Wheaton reported Team Black Hook with Jon and Julie Hills fishing with captain Jorge Valente won first place with 2 dorado totaling 27.2 pounds. Second place was Team Freebird of Steve Birdsall, Steve Datema, Laura McDonald, and Buz Schott fishing with captain Eugene Davis with a single dorado of 23.7 pounds.


“Steve Birdsall also won Big Dorado of the tournament but couldn't manage another fish to back it up,” said Wheaton. “Rob Gonzales and Will Burns won the Other Species class with 2 yellowtail totaling 29 pounds. Totals are not in yet but looks like again around $10,000 was raised for the Mission and people of Loreto.”


In other Loreto action, Rick Hill of Pinchysportfshing.com gave a general report on the region’s fishing last week. Hill said marlin, sailfish and tiny dorado are being spotted and landed here in the Loreto area. Along the coast there is a consistent current line holding small dorado.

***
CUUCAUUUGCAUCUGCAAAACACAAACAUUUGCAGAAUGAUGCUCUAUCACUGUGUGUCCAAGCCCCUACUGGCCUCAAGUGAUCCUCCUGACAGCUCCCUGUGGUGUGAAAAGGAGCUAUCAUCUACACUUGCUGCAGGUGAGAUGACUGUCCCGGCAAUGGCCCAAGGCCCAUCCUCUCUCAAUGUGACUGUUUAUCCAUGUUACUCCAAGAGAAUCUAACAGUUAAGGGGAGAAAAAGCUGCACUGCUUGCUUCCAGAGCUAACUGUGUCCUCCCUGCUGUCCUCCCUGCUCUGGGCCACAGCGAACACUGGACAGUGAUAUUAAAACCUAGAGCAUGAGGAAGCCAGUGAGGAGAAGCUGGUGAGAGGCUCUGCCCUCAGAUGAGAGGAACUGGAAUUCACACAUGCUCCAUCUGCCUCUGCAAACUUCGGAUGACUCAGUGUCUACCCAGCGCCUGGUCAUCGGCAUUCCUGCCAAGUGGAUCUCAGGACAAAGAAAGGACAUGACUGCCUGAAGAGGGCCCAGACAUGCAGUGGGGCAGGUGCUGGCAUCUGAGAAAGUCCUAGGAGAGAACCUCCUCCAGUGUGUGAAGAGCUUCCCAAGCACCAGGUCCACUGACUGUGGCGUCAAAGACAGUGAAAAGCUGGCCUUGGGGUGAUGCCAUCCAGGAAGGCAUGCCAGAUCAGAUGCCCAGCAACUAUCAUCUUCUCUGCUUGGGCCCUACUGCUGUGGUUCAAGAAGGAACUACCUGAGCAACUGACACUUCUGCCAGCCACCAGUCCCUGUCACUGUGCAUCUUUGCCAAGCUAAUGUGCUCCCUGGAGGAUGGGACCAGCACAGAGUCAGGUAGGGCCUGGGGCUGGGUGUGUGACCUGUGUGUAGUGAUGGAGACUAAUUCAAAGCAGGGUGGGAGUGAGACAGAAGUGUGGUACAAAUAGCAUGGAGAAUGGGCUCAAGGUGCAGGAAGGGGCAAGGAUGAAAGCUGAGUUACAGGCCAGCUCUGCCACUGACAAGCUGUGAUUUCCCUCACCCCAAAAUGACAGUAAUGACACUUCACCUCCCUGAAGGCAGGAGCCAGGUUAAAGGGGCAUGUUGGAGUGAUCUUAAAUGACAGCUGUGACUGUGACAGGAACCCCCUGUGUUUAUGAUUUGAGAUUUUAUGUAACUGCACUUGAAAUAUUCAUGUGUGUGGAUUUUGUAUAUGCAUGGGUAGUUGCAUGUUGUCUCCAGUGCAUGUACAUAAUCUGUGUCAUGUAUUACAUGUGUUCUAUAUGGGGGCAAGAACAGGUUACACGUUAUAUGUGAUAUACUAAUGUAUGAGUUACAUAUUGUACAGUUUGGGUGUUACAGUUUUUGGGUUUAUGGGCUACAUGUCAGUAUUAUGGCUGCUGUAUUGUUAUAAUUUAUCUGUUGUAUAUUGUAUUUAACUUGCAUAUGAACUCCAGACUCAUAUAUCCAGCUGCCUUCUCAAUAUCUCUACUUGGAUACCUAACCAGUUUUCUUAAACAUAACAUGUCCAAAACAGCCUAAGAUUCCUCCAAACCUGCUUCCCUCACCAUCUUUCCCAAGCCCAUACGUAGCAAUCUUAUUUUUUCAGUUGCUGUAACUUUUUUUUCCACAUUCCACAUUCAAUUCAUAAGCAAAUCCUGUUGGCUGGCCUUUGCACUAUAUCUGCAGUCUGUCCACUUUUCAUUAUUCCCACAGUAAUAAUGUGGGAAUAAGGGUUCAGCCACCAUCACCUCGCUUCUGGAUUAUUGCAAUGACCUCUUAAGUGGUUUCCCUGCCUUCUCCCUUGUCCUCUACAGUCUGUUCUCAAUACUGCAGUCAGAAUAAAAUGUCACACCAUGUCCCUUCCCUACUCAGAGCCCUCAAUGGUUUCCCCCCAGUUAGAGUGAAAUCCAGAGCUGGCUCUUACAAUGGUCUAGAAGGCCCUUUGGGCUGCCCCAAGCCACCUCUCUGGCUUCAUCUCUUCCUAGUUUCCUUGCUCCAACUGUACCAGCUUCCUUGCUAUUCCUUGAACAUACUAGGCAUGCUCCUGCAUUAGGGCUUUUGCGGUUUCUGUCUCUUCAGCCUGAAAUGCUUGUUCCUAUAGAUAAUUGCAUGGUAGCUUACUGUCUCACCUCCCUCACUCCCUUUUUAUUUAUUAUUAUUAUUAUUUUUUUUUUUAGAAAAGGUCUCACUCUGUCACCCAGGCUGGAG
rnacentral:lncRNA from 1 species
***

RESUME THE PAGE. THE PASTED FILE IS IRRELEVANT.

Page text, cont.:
The bigger fish are being caught north of Coronado Island. Hill added that striped marlin and sailfish have been hitting live mackerel and an occasional feather strike on blue and white jetheads. “There are pargo and cabrilla along the coast with a big show of toro up at Punta Colorado. Looks like everything is heating up in Loreto!” said Hill.


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MATT BROWN FROM Cupertinocame to La Paz fishing with Tailhunter Sportfishing to hopefully get his first roosterfish. He ended up hooking and releasing a trio of big ones off Punta Arenas.


LA PAZ — Jonathan Roldan at Tailhunter International said the fishing remains unseasonably crazy.


“It’s mid-July, but the fishing still hasn’t quite caught up with the calendar. It’s still more like April-May fishing than summertime fishing,” said Roldan. “Normally, we should be thick into the bluewater species that inhabit the warm waters and warmer seasons. Our fishing reports should be full of dorado, tuna, wahoo, billfish and the like. We should be talking about hot sunny weather and flat balmy Baja seas.